The mechanism for the photoinitiation apparently involves homolytic cleavage of the initiator to give two radicals, which then initiate the cross-linking reaction. Because molecular oxygen reacts with radicals, deoxygenation of the monomer allows for rapid cross-linking.

The resultant in situ cross-linked polymer was a transparent plastic with variable elasticity, depending on the degree of cross-linking and chemical composition.

Thus, a method of endocapsular lens replacement by forming a synthetic polymer in the lens capsule of an eye after removal of the lens has been disclosed. The method comprises injecting a photosensitive prepolymer into the lens capsule in the absence of oxygen. It will be clear to one of ordinary skill in the art that various changes and modifications of an obvious nature may be made without departing from the spirit of the invention, and all such changes and modifications are considered to be within the scope of the invention, as defined by the appended claims.

Patent Citations
Cited PatentFiling datePublication dateApplicantTitle
US4191176 *23 Aug 19774 Mar 1980Novo Laboratories, Inc.Intralenticular cataract surgery
US4327450 *9 Feb 19814 May 1982Girard Louis JMethod of intraocular implanting an artificial lens
US4543398 *19 Sep 198424 Sep 1985Minnesota Mining And Manufacturing CompanyOphthalmic devices fabricated from urethane acrylates of polysiloxane alcohols
US4638040 *17 May 198520 Jan 1987Minnesota Mining And Manufacturing CompanyAcrylate and methacrylate monomers and polymers
US4673539 *17 May 198516 Jun 1987Minnesota Mining And Manufacturing CompanyProcess for thermoformed articles
Referenced by
Citing PatentFiling datePublication dateApplicantTitle
US5090955 *12 Jul 199025 Feb 1992University Of MiamiGel injection adjustable keratoplasty
US5372580 *19 Feb 199213 Dec 1994University Of MiamiGel injection adjustable keratoplasty
US5891931 *7 Aug 19976 Apr 1999Alcon Laboratories, Inc.Method of preparing foldable high refractive index acrylic ophthalmic device materials
US5902599 *20 Feb 199611 May 1999Massachusetts Institute Of TechnologyBiodegradable polymer networks for use in orthopedic and dental applications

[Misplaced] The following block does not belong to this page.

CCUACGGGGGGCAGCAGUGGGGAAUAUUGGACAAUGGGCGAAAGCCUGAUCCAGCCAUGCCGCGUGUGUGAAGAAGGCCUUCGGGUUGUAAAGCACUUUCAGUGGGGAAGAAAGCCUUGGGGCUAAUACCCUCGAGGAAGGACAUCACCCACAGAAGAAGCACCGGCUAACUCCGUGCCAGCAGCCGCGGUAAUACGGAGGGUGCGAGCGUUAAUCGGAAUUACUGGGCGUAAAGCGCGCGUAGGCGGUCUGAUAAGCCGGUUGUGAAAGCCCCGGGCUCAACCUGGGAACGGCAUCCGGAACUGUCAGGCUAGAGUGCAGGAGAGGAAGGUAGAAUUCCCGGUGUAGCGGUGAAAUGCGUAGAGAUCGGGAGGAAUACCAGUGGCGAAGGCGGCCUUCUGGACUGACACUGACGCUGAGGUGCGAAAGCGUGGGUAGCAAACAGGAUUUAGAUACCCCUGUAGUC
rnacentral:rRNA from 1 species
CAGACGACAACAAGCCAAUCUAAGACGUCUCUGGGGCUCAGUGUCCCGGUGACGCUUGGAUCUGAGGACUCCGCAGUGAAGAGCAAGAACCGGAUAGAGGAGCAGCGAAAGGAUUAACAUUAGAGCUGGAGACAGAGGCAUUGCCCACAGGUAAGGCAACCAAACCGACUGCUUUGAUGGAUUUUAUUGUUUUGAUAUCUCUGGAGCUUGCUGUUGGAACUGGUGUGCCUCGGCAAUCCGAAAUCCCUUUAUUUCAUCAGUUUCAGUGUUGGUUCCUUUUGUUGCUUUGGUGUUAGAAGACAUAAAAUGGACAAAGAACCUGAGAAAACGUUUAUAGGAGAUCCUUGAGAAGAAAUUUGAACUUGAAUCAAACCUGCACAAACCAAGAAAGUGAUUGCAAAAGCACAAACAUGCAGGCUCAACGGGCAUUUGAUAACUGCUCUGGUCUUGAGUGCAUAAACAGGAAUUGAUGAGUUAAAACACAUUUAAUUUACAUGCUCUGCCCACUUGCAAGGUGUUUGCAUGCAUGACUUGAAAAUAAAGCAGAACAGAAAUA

US5922821 *8 Aug 199713 Jul 1999Alcon Laboratories, Inc.Ophthalmic lens polymers
US659860624 May 200129 Jul 2003Pharmacia Groningen BvMethods of implanting an intraocular lens
US6887083 *16 Apr 20013 May 2005Hideki UmeyamaModel for training of surgical operation of cataract
US6960230 *26 Jan 20011 Nov 2005Accommo AgLens implant
US696023114 Jul 20031 Nov 2005Alcon, Inc.Intraocular lens system
US69720348 Jan 20046 Dec 2005Alcon, Inc.Intraocular lens system
US715610112 May 20032 Jan 2007Amo Groningen B.V.Methods of implanting an intraocular lens
US7160324 *15 May 20039 Jan 2007Amo Groningen, B.V.Method in eye surgery
US730046430 Sep 200427 Nov 2007Alcon, Inc.Intraocular lens
US7559949 *27 Apr 200714 Jul 2009Leonard PinchukInjectable intraocular lens that minimizes posterior capsule opacification and methods and materials for realizing same
US8002828 *27 Apr 200723 Aug 2011Leonard PinchukMethod of implantation using polymer adhesive for an intraocular lens that minimizes posterior capsule opacification
US80481553 Feb 20031 Nov 2011Powervision, Inc.Intraocular implant devices
US81286934 Aug 20056 Mar 2012Novartis AgIntraocular lens system
US815871221 Feb 200817 Apr 2012Powervision, Inc.Polymeric materials suitable for ophthalmic devices and methods of manufacture
US83036564 Sep 20076 Nov 2012Powervision, Inc.Adaptive optic lens and method of making
US831492723 Jul 200820 Nov 2012Powervision, Inc.Systems and methods for testing intraocular lenses
US831805916 Jun 200927 Nov 2012Novartis AgStabilization of poly(oxyalkylene) containing polymeric materials
US832886922 Jul 200811 Dec 2012Powervision, Inc.Accommodating intraocular lenses and methods of use
US836114519 Dec 200629 Jan 2013Powervision, Inc.Accommodating intraocular lens system having circumferential haptic support and method
US842559918 Nov 201123 Apr 2013Powervision, Inc.Accommodating intraocular lenses and methods of use
US844708631 Aug 201021 May 2013Powervision, Inc.Lens capsule size estimation
US845468810 Aug 20104 Jun 2013Powervision, Inc.Accommodating intraocular lens having peripherally actuated deflectable surface and method
US866873411 Jul 201111 Mar 2014Powervision, Inc.Intraocular lens delivery devices and methods of use
US873446329 Nov 200627 May 2014Amo Groningen B.V.Method of implanting an intraocular lens
US888265415 Nov 201311 Nov 2014Boston Scientific Scimed, Inc.Method for treating fecal incontinence
US890029823 Feb 20112 Dec 2014Powervision, Inc.Fluid for accommodating intraocular lenses
US890029931 Aug 20092 Dec 2014Amo Groningen B.V.Method in eye surgery
US895640823 Jul 200817 Feb 2015Powervision, Inc.Lens delivery system
US896839615 Mar 20133 Mar 2015Powervision, Inc.Intraocular lens delivery systems and methods of use
US89926099 Aug 201031 Mar 2015Powervision, Inc.Intraocular lens system and method for power adjustment
US904431724 Jan 20142 Jun 2015Powervision, Inc.Intraocular lens delivery devices and methods of use
US922804327 Dec 20125 Jan 2016Zachodniopomorski Uniwersytet Technology W SzczecinieApplication of composition containing telechelic macromer and photoinitiator for producing implant for hernia repair